Bogdan Darev

The Green Card

Black Belt, Raging Sea

May 7, 2020

Many of you know me for my film THERE, yet writing has been a passion of mine for decades. “The Green Card “ blog is tied indirectly to my novel “From Here to There” which will trace the lives of my ancestors from the late 1800s in Bulgaria to present day. In this blog I’ll reveal to you the details around my arrival to America and my 23 year struggle to get a green card.

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Editing debut novel

Black Belt, Raging Sea

Joy: Do you remember me? Do you remember all of the dreams we shared? Do you remember June 21st, 1995?

You arrived to the US with $3,000 to your name, two suitcases and your sixteen year old sister. You enrolled her in high-school. Still a virgin, you became a single parent at age seventeen on the flight from Bulgaria. Remember visiting Bruce Lee's grave in Seattle? Remember how at the end of June you could see your breath in the air and you wondered, "Why is it so cold here?" Remember the 4th of July? The helicopters flying low. The American flags blanketing the cheering crowd that would become your new family?

Bogdan: I do, but I don't remember you until later. I remember that the money ran out very fast.

Joy: What happened?

Bogdan: My dad would always tell me, "Son, wherever you go in the world, find a martial arts studio. Start taking classes and you'll make many friends."

By late August the money was all but gone. My father's voice directed me to a martial arts studio nearby. The teacher gave me one swift look and said, "With these long legs you will win lots of competitions." I thanked him for his time and walked away. He couldn't have known about my years of martial arts training before immigrating.

Back in Greece where I had lived for three years before coming to America, I had already won more than a few competitions, drawing twice and losing once. One day, in the middle of a heated sparring match with a young man I stopped my sidekick an inch from his face. In such moments, before hitting the target, the world quits spinning. I imagine it is true for painters too, before their brush delivers the final stroke on a canvas that is far from blank. And for soldiers, before they pull the trigger of no return on a life that is also far from blank. We make our greatest and gravest choices in a split of a breath. On the edge of rising and falling actions. But only heightened awareness gives us control over our choices. You become one with the kick, you deliver the blow, but you also receive the same blow. The discipline of martial arts reveals itself to you in all of its ancient brilliance. For me, it was a turning point where I couldn't justify any more fighting. Though I had won against opponents with higher degree black belts, and would certainly enjoy a very promising future, I shared my choice with my teacher. I stopped competing altogether.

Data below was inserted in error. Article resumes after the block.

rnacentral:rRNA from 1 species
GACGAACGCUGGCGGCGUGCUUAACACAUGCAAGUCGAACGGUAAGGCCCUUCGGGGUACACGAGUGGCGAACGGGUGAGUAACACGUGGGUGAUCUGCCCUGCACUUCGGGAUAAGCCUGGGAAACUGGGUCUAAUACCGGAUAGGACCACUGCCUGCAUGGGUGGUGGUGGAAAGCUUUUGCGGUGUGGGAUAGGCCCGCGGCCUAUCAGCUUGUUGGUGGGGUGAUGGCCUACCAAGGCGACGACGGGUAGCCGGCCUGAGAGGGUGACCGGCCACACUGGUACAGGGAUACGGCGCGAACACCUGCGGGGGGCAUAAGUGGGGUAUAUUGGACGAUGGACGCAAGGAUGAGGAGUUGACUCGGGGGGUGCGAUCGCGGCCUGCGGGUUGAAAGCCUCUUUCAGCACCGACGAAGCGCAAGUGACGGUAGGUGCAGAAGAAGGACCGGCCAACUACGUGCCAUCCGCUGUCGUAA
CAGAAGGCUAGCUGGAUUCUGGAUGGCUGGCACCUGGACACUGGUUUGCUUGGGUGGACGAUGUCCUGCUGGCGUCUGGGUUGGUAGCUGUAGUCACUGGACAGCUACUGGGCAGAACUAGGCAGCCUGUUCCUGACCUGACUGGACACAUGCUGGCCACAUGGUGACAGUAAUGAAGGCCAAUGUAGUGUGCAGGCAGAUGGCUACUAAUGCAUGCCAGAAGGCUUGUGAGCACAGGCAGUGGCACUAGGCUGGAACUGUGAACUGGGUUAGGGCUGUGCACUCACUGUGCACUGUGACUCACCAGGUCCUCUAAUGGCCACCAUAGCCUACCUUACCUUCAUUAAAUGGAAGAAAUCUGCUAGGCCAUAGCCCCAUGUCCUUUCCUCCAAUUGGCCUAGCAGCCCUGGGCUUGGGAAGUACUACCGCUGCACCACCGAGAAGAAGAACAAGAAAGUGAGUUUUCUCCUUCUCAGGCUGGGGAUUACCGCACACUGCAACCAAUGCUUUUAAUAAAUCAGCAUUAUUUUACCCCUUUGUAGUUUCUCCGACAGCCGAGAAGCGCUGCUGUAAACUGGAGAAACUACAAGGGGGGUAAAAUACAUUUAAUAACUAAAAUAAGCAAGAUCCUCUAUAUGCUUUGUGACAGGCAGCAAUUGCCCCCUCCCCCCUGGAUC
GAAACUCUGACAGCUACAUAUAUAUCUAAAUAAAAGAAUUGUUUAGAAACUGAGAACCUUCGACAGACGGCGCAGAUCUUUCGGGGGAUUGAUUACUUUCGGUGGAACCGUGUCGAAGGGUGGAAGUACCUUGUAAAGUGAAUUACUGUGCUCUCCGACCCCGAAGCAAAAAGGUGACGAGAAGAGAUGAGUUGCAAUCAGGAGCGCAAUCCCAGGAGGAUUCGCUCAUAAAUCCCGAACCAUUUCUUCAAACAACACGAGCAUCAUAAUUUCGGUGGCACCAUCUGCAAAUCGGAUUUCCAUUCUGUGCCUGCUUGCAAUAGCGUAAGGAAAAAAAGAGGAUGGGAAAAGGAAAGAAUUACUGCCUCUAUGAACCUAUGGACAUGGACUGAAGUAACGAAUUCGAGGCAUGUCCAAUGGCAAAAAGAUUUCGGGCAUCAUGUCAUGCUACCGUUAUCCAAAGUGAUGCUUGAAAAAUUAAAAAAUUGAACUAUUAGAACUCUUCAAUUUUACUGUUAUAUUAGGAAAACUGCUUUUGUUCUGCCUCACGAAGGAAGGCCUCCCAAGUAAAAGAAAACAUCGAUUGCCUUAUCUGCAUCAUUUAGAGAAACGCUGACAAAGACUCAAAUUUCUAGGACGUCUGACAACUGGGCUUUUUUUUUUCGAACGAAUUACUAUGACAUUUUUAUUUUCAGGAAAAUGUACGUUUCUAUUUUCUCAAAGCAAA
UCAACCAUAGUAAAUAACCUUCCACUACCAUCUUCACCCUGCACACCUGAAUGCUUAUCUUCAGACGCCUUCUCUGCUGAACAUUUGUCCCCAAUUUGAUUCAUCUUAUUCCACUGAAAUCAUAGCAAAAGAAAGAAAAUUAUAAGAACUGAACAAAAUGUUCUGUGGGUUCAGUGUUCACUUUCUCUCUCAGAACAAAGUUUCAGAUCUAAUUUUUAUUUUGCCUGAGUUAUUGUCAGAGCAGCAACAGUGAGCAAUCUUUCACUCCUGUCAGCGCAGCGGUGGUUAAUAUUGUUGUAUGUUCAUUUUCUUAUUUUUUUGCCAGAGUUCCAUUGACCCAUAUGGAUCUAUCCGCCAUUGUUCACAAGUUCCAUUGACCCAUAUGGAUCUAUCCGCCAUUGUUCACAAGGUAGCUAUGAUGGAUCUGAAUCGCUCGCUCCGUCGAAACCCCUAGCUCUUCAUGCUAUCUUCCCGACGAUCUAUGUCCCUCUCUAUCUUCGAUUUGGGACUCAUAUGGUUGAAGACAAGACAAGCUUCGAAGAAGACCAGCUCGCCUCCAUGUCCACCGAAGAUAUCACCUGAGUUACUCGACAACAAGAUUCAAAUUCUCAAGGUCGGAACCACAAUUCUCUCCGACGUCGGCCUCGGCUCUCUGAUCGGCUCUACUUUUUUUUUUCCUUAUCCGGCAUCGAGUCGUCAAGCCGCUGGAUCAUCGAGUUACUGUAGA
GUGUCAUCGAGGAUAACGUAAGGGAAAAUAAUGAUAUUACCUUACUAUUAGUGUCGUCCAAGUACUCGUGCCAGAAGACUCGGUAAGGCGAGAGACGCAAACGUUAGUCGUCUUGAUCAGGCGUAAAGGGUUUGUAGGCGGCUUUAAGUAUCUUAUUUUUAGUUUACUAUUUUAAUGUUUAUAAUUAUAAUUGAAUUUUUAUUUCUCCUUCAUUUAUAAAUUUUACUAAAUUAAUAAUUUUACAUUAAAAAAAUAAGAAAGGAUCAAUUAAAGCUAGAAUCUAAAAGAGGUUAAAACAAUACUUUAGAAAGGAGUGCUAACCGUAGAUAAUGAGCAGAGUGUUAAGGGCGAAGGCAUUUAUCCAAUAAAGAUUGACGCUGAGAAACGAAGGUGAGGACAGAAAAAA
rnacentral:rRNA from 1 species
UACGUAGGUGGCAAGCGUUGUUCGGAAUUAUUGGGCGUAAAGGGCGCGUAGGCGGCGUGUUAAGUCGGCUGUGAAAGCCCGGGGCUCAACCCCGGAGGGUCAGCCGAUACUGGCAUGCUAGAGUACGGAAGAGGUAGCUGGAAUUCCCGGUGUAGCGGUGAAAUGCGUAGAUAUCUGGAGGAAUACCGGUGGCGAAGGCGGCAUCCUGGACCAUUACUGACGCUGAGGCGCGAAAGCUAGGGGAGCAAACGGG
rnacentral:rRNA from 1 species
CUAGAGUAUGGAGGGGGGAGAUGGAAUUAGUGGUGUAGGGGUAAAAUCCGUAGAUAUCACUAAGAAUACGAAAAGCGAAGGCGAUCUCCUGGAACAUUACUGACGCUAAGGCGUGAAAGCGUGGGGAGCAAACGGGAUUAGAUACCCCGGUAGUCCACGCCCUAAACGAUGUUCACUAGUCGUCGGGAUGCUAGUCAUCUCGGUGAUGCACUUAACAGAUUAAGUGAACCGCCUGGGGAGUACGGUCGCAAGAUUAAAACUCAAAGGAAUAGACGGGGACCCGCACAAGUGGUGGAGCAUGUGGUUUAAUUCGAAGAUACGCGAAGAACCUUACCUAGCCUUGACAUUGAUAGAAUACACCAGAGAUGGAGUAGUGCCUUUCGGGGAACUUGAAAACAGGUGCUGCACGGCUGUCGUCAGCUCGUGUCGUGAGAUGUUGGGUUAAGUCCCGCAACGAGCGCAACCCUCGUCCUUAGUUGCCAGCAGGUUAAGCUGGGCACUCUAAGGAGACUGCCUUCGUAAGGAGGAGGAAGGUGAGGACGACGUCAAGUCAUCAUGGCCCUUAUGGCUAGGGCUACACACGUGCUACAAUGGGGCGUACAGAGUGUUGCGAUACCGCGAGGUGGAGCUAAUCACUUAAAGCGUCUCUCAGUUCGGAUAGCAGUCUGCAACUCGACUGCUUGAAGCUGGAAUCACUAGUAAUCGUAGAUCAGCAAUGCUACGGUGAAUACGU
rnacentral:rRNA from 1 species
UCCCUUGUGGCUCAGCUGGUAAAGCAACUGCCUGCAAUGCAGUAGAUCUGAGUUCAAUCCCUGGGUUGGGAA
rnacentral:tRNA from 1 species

Joy: And instead of competing against others you turned to competing against yourself? Even though you don't remember me clearly, I've known you all of your life. I've witnessed firsthand your competitive nature deliver you unfathomable victories, but it has also proven to be your downfall.

Bogdan: Yes, the greatest victory won so far has been the one of surviving the unknown at age seventeen all on my own. But martial arts gave me unparalleled confidence. Martial arts were the first set of skills which I explored and excelled in. The discipline in showing up proved to me that I can be more than a ghost walking this life. I can craft my own trajectory. But while martial arts gave me an impenetrable armor to press on with, it was my love for making movies that I credit most for showing me the way through the void. That boyhood dream, the imagined wins at the Oscars, kept me focused.

Joy: You haven't made it to the Oscars. Is it that important now?